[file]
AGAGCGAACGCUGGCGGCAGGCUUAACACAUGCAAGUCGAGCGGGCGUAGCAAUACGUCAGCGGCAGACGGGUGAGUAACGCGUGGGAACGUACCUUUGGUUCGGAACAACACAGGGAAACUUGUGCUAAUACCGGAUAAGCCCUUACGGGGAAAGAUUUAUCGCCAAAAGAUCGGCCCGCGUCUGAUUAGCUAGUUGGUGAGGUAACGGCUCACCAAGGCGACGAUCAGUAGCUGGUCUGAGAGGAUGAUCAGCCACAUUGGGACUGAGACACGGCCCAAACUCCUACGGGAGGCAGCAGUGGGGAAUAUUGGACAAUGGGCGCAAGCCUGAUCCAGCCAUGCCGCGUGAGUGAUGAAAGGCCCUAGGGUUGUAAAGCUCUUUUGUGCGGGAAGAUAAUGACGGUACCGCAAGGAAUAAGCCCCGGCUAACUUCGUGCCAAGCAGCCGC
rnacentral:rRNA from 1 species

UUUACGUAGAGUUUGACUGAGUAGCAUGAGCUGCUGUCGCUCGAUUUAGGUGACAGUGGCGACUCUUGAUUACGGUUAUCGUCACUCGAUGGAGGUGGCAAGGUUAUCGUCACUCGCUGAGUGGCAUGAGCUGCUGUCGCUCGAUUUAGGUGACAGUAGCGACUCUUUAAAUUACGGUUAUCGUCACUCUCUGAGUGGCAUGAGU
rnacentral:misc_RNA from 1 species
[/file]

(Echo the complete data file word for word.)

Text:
AGAGCGAACGCUGGCGGCAGGCUUAACACAUGCAAGUCGAGCGGGCGUAGCAAUACGUCAGCGGCAGACGGGUGAGUAACGCGUGGGAACGUACCUUUGGUUCGGAACAACACAGGGAAACUUGUGCUAAUACCGGAUAAGCCCUUACGGGGAAAGAUUUAUCGCCAAAAGAUCGGCCCGCGUCUGAUUAGCUAGUUGGUGAGGUAACGGCUCACCAAGGCGACGAUCAGUAGCUGGUCUGAGAGGAUGAUCAGCCACAUUGGGACUGAGACACGGCCCAAACUCCUACGGGAGGCAGCAGUGGGGAAUAUUGGACAAUGGGCGCAAGCCUGAUCCAGCCAUGCCGCGUGAGUGAUGAAAGGCCCUAGGGUUGUAAAGCUCUUUUGUGCGGGAAGAUAAUGACGGUACCGCAAGGAAUAAGCCCCGGCUAACUUCGUGCCAAGCAGCCGC
rnacentral:rRNA from 1 species

UUUACGUAGAGUUUGACUGAGUAGCAUGAGCUGCUGUCGCUCGAUUUAGGUGACAGUGGCGACUCUUGAUUACGGUUAUCGUCACUCGAUGGAGGUGGCAAGGUUAUCGUCACUCGCUGAGUGGCAUGAGCUGCUGUCGCUCGAUUUAGGUGACAGUAGCGACUCUUUAAAUUACGGUUAUCGUCACUCUCUGAGUGGCAUGAGU
rnacentral:misc_RNA from 1 species